Directed by Gorō Miyazaki, son of Hayao Miyazaki, From Up on Poppy Hill may actually be one of the best films ever produced by Studio Ghibli, and it is definitely the best film the younger Miyazaki has directed yet.

The 2011 animated film follows Umi Matsuzaki, a highschool student who helps run her grandmother’s boarding house while her mother finishes her university studies in America. The film takes place in the early 1960s as Japan rebuilds, prepares for the Olympics, and tries to forget the horrors of the Second World War. 

Umi seems to the audience a no-nonsense girl. She basically runs the boarding house, looks after her siblings, and keeps very good grades in school. Her routine is set: raise her flags, cook breakfast, get to school. But her routine is quickly challenged as she discovers someone on a boat in the harbour has been answering her signals and published a poem to her in the school’s student newspaper. Beyond this, the Quartier Latin, a giant building that houses the school’s wildest clubs, is being demolished to make way for a new building. The boys who value the building for its history hold a number of demonstrations and disruptions, and soon Umi is drawn into the conflict.

But it’s not just the dark academia romance of the Quartier Latin that gets Umi involved. It’s Shun Kazama, who helps run the school newspaper. As they work to save the old building from demolition, the two fall in love. But there is a major conflict – and this is what makes the film interesting.

Aristotle is the one who created the modern definition of a tragedy. Most commonly people understand this definition as requiring the main character to be someone of great importance who suffers from hubris, undergoes a reversal, and dies at the end. However, Aristotle discussed another form of tragedy, one that he said was actually his favourite – a tragedy where there is a happy ending. In this form of tragedy, the protagonist comes to the final moment of realization and makes the correct decision to rectify the situation, instead of giving in to fate.

Gorō Miyazaki’s film is the most perfect example of this second type of tragedy. The romantic plot is perfectly Greek. It could have appeared in the Dionysia.

Shun and Umi discover that they are siblings. Shun comes over to Umi’s house, and she shows him a photo of her father, who was killed in the Korean War, and two of his friends from the army. Shun recognizes the photo, as he was given exactly the same one by his father after being told he was adopted. The man in the photo is the man his adopted father told him was his biological father. Shun and Umi decide that while they love each other, they can never act on their feelings.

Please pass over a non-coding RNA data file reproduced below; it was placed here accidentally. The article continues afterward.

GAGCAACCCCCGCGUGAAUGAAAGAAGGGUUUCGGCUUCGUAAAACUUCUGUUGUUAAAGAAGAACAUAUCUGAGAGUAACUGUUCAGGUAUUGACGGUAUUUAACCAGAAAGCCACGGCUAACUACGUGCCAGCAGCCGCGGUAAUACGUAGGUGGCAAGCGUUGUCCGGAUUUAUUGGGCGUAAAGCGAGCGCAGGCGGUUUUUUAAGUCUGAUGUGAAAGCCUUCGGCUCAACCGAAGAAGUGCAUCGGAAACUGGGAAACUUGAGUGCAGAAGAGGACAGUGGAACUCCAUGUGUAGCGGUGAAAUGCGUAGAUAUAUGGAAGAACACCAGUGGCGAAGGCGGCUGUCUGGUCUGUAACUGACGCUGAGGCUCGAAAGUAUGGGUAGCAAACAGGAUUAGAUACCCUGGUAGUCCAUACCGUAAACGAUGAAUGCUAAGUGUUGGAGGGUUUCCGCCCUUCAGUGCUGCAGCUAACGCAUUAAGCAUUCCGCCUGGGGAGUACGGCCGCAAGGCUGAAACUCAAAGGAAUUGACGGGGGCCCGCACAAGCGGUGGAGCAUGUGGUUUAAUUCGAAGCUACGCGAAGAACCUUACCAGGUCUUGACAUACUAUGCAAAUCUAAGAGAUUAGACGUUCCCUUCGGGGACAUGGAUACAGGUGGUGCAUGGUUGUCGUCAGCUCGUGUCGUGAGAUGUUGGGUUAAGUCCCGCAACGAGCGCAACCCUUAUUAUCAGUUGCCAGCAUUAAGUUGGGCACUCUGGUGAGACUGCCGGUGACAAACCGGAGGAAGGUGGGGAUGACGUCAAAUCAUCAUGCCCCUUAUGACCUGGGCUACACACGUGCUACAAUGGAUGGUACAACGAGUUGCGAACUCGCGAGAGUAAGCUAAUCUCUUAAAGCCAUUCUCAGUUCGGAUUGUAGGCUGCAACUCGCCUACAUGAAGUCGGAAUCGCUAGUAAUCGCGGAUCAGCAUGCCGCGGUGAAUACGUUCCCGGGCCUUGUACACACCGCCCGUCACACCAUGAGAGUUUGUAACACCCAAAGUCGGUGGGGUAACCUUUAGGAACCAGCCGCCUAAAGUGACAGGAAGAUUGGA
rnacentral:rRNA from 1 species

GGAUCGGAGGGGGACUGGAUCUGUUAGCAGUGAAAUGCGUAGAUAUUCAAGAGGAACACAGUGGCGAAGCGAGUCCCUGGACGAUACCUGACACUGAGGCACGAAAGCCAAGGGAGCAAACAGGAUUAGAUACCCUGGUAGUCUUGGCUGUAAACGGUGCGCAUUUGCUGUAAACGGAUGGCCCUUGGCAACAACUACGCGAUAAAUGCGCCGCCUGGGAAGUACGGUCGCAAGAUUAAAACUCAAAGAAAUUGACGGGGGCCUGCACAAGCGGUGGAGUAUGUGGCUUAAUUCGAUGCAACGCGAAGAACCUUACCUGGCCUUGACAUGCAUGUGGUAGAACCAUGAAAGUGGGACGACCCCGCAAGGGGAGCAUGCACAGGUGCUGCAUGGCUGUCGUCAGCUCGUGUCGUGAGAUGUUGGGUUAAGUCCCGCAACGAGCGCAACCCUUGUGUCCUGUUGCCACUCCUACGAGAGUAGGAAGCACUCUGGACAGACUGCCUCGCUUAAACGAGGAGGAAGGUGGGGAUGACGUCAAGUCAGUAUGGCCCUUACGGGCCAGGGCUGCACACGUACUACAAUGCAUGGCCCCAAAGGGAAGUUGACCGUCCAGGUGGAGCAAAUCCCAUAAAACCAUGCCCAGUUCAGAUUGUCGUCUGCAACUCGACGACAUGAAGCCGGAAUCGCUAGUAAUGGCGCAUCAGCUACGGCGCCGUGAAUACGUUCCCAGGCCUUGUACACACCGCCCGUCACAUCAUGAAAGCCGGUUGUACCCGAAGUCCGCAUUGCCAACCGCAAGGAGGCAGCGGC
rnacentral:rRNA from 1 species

However, through a complicated series of events after they save the Quartier Latin, they speak to Umi’s mother, who reveals that Shun is actually the son of her husband’s close friend. Shun’s mother died in childbirth, and his father was killed in the war, so Umi’s father adopted him so he wouldn’t go to an orphanage. However, when he realized they couldn’t afford to support both Umi and Shun, he took Shun to a close friend of the family who had just lost a baby. Shun and Umi manage to track down the last living man from Shun and Umi’s photograph – their father’s former commander. Through him, they learn that the second man in the photograph is Shun’s real father, and that they are most definitely not related. 

The story brings the intense, beautiful romance to the brink of destruction, and then scales it back. It’s a tragedy as tragic as Aristotle would ever have wanted. It’s not only a beautiful story of two young people whose lives are impacted by war, as the plotline following the Quartier Latin as it is almost demolished is a story about how Japan moved forward after the Second World War and the Korean War. It’s about the beauty of progress and history merging together to create something unprecedented and special.

If you never watch another Studio Ghibli movie, you should watch this one. It is an Aristotelian masterpiece. It’s a story more about Japan than about anything else. It’s a story about love – past, present, future.